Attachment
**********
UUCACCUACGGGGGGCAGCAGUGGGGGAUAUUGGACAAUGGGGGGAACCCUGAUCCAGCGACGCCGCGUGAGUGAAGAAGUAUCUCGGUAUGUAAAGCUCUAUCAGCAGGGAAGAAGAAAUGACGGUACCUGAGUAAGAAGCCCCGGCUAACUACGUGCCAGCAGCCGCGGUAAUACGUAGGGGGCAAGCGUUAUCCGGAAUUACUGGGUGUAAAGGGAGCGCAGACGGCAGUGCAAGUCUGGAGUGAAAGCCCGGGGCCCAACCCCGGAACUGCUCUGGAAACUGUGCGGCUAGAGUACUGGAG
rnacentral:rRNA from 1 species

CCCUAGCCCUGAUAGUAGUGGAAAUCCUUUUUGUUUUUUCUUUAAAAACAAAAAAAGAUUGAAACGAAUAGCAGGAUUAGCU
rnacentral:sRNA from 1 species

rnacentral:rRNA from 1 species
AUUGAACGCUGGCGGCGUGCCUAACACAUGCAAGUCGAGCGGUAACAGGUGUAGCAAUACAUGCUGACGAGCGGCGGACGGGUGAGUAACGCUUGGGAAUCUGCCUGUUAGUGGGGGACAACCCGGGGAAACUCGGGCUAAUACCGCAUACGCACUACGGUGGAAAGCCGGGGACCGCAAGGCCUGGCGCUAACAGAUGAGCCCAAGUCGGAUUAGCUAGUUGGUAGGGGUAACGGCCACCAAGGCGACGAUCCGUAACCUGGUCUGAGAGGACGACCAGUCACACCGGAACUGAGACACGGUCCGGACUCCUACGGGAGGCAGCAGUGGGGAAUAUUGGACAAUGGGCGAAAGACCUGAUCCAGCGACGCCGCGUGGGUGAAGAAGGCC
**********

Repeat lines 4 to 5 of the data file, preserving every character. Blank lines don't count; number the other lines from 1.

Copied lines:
rnacentral:sRNA from 1 species

rnacentral:rRNA from 1 species